Bill aimed at improving Metro Detroit mass transit could lead to property tax increase
DETROIT – The effort to improve Metro Detroit mass transit is getting traction in Lansing.
However, concern is growing about House Bill No. 5229 because it could get very costly for homeowners -- particularly in Oakland County.
Last November Wayne County, Washtenaw County and Oakland County leaders teamed up asking the state Legislature to make it easier for regions to tax themselves for things like mass transit.
Monroe House Rep. Jason Sheppard is House Bill 5229′s sponsor.
“We’re all about trying to have locals fix some of their issues and give them the tools and the toolbox to do it,” Sheppard said.
In the Senate there’s loud opposition, starting with state Sen. Jim Runstead of White Lake. He’s concerned because for many Oakland County residents a 5 mill increase that, if allowed, could mean annual tax bills going up between $500 and $1,000 per home.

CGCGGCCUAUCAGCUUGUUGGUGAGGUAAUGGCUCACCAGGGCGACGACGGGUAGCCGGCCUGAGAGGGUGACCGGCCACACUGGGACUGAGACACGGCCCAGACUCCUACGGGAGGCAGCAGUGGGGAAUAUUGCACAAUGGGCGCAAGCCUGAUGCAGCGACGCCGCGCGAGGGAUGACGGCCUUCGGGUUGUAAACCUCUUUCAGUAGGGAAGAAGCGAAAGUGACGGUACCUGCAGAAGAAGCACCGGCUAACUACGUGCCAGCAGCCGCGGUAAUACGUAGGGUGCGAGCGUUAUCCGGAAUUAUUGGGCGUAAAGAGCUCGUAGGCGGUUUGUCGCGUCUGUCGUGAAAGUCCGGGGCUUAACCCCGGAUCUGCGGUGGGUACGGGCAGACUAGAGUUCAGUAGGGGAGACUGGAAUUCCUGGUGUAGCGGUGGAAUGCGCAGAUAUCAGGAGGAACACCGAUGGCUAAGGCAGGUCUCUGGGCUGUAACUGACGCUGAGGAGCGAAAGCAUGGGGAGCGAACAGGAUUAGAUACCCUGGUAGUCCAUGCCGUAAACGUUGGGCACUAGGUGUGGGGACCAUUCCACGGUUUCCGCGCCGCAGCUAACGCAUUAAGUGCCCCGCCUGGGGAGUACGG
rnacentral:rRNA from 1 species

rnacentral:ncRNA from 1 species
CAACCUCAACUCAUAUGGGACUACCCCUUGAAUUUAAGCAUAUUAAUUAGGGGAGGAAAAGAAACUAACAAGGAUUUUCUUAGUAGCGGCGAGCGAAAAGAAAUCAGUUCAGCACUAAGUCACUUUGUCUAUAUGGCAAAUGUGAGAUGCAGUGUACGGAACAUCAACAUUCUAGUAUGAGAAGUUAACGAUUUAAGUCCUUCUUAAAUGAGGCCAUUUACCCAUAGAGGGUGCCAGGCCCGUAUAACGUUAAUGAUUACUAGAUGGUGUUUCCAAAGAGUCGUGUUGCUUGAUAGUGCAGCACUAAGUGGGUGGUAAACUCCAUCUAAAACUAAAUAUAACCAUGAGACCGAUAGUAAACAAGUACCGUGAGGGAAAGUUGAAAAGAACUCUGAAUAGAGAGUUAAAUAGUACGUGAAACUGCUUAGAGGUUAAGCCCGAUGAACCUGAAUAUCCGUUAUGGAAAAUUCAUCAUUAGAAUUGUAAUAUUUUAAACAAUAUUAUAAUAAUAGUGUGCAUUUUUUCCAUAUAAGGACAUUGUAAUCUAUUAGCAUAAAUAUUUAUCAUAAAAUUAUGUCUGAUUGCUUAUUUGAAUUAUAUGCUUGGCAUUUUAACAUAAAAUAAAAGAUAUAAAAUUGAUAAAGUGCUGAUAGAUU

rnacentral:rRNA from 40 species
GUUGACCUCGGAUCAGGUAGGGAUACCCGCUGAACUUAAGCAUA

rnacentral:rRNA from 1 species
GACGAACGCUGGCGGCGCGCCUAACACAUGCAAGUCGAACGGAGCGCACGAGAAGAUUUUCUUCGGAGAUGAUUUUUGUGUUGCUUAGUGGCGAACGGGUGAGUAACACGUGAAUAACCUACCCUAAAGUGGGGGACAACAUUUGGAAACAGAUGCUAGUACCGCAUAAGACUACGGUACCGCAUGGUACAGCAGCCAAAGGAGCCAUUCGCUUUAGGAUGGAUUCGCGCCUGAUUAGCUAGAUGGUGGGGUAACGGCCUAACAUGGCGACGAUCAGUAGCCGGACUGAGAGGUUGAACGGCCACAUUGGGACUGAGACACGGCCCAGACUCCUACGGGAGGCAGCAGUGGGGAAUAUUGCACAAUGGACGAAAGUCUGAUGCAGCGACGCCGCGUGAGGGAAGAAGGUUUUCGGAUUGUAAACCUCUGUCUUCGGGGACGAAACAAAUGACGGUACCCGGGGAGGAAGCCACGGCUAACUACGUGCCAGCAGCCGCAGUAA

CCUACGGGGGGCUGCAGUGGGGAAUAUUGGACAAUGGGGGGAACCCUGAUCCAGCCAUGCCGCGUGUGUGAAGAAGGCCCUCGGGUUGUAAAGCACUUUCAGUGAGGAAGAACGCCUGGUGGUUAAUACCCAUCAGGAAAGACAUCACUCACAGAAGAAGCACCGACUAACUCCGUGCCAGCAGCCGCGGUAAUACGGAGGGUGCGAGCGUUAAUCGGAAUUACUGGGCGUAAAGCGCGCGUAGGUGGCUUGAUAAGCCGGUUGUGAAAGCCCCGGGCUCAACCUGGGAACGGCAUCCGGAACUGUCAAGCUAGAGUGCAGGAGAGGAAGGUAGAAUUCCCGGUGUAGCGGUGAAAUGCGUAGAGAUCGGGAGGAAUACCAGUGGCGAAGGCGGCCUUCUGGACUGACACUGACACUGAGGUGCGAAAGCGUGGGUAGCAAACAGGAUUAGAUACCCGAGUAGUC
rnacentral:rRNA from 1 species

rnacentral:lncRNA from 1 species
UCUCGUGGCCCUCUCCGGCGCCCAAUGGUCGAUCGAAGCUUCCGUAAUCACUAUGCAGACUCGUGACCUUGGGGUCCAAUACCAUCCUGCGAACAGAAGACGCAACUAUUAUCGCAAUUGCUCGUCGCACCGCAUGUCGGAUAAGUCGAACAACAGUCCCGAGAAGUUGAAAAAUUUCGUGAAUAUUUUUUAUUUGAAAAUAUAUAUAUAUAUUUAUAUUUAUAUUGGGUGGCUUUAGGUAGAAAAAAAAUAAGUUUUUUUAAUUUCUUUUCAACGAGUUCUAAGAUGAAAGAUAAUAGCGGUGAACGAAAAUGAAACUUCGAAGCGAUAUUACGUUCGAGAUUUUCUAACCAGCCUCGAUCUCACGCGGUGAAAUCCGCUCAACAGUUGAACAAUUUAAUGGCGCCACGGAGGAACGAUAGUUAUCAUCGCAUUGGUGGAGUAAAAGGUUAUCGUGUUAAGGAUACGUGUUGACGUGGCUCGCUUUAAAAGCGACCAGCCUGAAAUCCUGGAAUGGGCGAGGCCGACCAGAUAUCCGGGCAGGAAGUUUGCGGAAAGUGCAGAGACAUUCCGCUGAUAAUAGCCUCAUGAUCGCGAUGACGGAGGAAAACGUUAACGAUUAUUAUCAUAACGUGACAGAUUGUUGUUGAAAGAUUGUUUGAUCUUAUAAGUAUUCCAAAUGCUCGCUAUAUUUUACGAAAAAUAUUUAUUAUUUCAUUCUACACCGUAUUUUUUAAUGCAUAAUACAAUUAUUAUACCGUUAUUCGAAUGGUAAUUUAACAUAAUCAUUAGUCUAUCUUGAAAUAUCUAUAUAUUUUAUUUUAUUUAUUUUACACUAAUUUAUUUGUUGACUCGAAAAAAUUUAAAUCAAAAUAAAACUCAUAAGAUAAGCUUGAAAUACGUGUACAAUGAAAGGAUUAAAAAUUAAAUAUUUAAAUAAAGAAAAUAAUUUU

“This is a crash and burn disaster of a bill,” Runstead said. “Oakland County voters and property taxpayers are not going to get a return on the investment. It is a cost shift, a tax shift, over to Wayne County primarily.”
Livingston County state Rep. Ann Bollin agrees with Runstead.
“I really think we need to pause and put some guardrails on that because that means anything,” Bollin said.
There are still questions whether they have enough votes to pass or kill this bill. In the meantime, it’s important to point out that should it pass, local voters will still get the final say whether millages will pass.
The bill itself is not a transportation bill. Instead, it amends and expands on an already existing Michigan law governing regional agreements used to fund programs like mass transit.
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